Cows on the Somerset LevelsPhoto Roger Harper - http://www.panoramio.com/user/317493
this has to be my favourite poem and got me the highest marks on my degree.
It’s silent here
I wait in the morning for the first beams
There is a frost and I see a stream
of mist; it is
the warm breath from the mouths
of my sisters.
It creates the fragile fog forming
by the rhynes.
My sisters and I hear the call of
the early rooks as they crow
when flying from their roosts.
We shake the dew from our hooves
and crystals plunge
into the ground.
The land smiles.
Pearls of dew reflect the rays
of the early sun
onto pea green willow trees.
Sisters shuffle restlessly,
aware of time, aware of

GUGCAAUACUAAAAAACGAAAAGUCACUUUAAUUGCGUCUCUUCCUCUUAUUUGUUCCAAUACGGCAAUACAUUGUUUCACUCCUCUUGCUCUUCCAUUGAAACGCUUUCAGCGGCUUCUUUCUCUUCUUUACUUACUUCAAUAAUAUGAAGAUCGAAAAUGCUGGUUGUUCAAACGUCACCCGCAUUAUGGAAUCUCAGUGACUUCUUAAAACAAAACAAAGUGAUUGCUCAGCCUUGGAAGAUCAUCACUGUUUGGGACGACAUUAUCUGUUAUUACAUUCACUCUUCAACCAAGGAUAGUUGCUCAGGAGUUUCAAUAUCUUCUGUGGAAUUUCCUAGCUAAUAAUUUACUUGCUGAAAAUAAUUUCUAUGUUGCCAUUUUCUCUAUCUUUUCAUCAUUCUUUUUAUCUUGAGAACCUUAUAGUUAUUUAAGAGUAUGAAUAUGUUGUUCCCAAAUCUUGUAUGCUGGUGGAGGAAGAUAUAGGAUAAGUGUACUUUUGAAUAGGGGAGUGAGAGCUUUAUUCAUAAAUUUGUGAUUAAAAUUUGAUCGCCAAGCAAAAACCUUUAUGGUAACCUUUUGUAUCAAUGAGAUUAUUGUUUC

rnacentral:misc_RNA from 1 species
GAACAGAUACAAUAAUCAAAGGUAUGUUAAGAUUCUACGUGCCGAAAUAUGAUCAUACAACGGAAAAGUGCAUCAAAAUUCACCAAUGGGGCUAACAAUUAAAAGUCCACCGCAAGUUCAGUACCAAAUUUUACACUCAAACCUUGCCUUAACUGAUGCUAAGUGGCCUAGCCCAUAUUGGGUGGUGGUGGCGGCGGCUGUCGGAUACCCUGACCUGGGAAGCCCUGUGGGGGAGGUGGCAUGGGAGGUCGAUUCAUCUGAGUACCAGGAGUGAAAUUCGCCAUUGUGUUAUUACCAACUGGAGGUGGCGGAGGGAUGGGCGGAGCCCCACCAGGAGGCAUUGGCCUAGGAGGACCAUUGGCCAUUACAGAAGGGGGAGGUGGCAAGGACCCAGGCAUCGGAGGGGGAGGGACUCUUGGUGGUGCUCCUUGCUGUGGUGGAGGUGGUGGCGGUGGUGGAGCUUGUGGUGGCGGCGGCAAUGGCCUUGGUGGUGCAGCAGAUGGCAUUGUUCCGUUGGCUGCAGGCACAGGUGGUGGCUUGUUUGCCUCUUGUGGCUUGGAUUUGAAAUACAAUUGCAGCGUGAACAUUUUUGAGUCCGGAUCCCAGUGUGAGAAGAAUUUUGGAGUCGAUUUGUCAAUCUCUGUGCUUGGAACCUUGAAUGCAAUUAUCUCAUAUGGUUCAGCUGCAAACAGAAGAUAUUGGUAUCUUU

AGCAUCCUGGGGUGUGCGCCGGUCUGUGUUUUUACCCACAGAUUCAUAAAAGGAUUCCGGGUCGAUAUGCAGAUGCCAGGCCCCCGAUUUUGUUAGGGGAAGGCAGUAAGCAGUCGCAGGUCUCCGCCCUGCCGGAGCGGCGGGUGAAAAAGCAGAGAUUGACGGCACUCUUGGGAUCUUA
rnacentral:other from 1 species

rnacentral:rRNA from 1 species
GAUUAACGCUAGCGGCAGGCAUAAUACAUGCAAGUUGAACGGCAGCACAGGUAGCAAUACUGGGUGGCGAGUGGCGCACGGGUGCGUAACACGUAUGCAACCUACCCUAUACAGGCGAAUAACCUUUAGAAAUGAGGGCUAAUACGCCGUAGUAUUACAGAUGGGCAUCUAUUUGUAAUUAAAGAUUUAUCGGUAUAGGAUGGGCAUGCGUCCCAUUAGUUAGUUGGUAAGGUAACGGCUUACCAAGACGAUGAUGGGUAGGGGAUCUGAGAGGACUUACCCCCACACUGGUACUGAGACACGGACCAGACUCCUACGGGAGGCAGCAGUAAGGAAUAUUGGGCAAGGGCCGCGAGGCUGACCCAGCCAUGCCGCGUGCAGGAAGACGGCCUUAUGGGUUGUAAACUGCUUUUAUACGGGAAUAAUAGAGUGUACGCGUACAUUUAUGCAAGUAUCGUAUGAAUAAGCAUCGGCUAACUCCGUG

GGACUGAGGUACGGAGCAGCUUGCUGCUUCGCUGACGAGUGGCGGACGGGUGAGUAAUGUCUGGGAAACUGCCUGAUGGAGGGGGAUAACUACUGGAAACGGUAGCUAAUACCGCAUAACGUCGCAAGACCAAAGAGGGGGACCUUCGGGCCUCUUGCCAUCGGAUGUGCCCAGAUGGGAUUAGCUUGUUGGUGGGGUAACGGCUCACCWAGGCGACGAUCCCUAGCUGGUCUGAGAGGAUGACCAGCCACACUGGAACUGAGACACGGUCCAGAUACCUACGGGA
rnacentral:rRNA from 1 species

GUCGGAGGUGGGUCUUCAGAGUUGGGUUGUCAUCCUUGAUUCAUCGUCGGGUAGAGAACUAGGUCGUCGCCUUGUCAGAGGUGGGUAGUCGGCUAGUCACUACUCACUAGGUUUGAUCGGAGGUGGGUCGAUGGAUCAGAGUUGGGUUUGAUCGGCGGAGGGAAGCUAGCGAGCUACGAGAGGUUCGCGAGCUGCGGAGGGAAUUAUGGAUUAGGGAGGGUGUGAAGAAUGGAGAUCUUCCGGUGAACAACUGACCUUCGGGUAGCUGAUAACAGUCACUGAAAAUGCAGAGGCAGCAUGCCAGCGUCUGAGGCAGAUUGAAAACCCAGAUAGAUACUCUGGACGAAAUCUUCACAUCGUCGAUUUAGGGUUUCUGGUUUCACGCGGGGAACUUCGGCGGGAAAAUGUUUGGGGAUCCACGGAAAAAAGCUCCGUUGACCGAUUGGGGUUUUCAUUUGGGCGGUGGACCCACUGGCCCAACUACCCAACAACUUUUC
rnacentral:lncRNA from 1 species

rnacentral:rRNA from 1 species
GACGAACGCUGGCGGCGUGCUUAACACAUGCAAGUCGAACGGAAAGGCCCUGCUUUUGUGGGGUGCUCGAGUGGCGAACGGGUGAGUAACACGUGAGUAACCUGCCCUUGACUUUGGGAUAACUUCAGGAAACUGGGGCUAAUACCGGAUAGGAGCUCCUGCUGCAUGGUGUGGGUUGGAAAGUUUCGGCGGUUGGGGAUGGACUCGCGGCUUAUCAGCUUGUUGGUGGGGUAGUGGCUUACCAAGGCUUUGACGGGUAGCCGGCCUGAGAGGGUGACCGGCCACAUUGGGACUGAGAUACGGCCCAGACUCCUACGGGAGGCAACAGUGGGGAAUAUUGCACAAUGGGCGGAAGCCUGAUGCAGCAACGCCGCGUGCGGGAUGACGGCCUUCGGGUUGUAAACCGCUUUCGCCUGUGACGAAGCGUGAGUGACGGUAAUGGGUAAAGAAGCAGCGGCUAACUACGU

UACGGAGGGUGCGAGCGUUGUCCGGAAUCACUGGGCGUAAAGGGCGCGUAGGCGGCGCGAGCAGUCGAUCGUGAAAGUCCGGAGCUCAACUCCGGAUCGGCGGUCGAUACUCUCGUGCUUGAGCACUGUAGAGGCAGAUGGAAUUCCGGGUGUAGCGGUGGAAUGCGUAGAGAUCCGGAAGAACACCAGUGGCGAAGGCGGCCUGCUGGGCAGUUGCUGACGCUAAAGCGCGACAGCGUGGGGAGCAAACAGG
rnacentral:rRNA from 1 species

Swallows and Swifts
diving above deep green fields
scooping up sleepy insects.
We hear the farmer, with his dog,
calling and whistling.
Voices echo across the empty levels,
a distant dog barks in reply.
Now comes the slow, painful walk.
The struggle with our too heavy teats,
as we are herded along
to the milking sheds
It is a struggle, I know, because
I am the cow that led
my sisters to stand here,
to be milked by the machines
that replaced the man,
who called and whistled to his dog
on this frosty April morning.
1 a rhyne is the Somerset name for a ditch or canal.